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What’s Driving Growth in Intel’s Data-Centric Business?


Nov. 20 2020, Updated 5:32 p.m. ET

Intel’s data-centric business

Intel (INTC) is reaping the benefits of its transition to a data-centric business. The company reported strong growth in the data center market. As the world moves towards AI (artificial intelligence), Intel is working on delivering an end-to-end platform that brings computing and data analytics from data to edge devices.

Thus, Intel added FPGA (field programmable gate array), NVM (Non-Volatile Memory) chips, and IoT (Internet of Things) processors to its offerings. These three segments reported 18% YoY (year-over-year) growth in revenue in 1Q18 with the memory business achieving a revenue milestone of $1 billion. Intel’s last division to reach this level was its Data Center Group ten years back.

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Non-Volatile Memory Solutions Group

Intel returned to the memory business by transitioning its Dalian facility in China to manufacture 3D NAND (negative AND) and 3D XPoint. It also ended its NVM partnership with Micron Technology (MU) to align its memory business with its overall business objective. Intel reports its memory business under NSG (Non-Volatile Memory Solutions Group).

NSG revenue rose 15.5% YoY and 12.5% sequentially to $1 billion in fiscal 1Q18 driven by strong demand for data center SSD (solid state drive) solutions. Intel also expanded its 3D XPoint products with the launch of mainstream Optane SSDs for clients. It expects 3D NAND supply and demand to see balance in 2H18, thereby slowing revenue growth.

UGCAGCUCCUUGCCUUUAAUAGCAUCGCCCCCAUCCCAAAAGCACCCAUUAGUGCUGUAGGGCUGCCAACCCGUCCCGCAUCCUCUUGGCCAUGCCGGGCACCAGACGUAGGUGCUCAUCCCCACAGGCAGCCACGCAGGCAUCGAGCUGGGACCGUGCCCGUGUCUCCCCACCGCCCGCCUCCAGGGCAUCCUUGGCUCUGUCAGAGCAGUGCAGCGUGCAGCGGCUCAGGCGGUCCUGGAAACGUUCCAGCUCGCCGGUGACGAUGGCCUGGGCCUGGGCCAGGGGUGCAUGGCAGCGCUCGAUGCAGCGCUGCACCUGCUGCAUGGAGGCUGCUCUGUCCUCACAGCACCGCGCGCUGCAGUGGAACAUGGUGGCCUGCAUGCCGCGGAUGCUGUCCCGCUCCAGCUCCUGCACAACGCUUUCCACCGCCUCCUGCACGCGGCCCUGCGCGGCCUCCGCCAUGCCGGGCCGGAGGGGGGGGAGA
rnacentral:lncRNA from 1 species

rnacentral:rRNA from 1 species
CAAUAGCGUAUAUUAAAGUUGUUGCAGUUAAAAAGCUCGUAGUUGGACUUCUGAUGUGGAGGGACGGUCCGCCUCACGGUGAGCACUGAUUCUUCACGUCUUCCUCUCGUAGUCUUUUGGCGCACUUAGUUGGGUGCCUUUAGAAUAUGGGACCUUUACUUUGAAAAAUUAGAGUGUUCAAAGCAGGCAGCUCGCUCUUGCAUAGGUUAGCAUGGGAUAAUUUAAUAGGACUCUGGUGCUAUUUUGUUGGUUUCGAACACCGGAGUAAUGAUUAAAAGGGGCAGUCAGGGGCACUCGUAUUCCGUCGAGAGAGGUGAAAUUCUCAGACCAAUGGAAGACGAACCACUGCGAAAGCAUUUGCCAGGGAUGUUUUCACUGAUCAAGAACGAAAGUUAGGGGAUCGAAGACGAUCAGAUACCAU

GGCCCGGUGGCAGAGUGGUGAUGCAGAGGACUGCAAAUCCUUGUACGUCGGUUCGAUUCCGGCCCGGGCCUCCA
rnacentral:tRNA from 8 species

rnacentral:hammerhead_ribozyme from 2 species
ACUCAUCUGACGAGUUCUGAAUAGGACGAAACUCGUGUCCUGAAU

NSG’s operating losses reduced from $129 million in 1Q17 to $81 million in 1Q18 as the transition to 64-layer 3D NAND reduced production costs. Intel expects NSG to turn profitable in full-year 2018.

Programmable Solutions Group

Intel acquired FPGA supplier Altera in 2016 and created PSG (Programmable Solutions Group). PSG revenue rose 17% YoY to $498 million, and operating profit rose 5% YoY to $97 million in fiscal 1Q18. The revenue growth was driven by strong demand from data center and embedded customers.

The division secured record design wins in 1Q18 including one from Microsoft (MSFT), which is using Intel’s FPGAs to provide real-time AI for its new Bing Intelligent Search.

Internet of Things Group (or IoTG)

IoTG revenue rose 16.5% YoY to $840 million driven by strong demand from the Retail and Bideo segments. IoTG’s operating profit rose 116% YoY to $227 million in fiscal 1Q18 as Intel divested its Wind River business and shifted its ADAS (advanced driver-assistance systems) investments to Mobileye, which is reported in the All Others segment. Mobileye business earned revenue of $151 million and secured a high-volume design win for EyeQ5 from a European premium vehicle manufacturer.

Overall, Intel’s data-centric business is progressing fast and is expected to lift the overall company’s earnings in the coming quarters.

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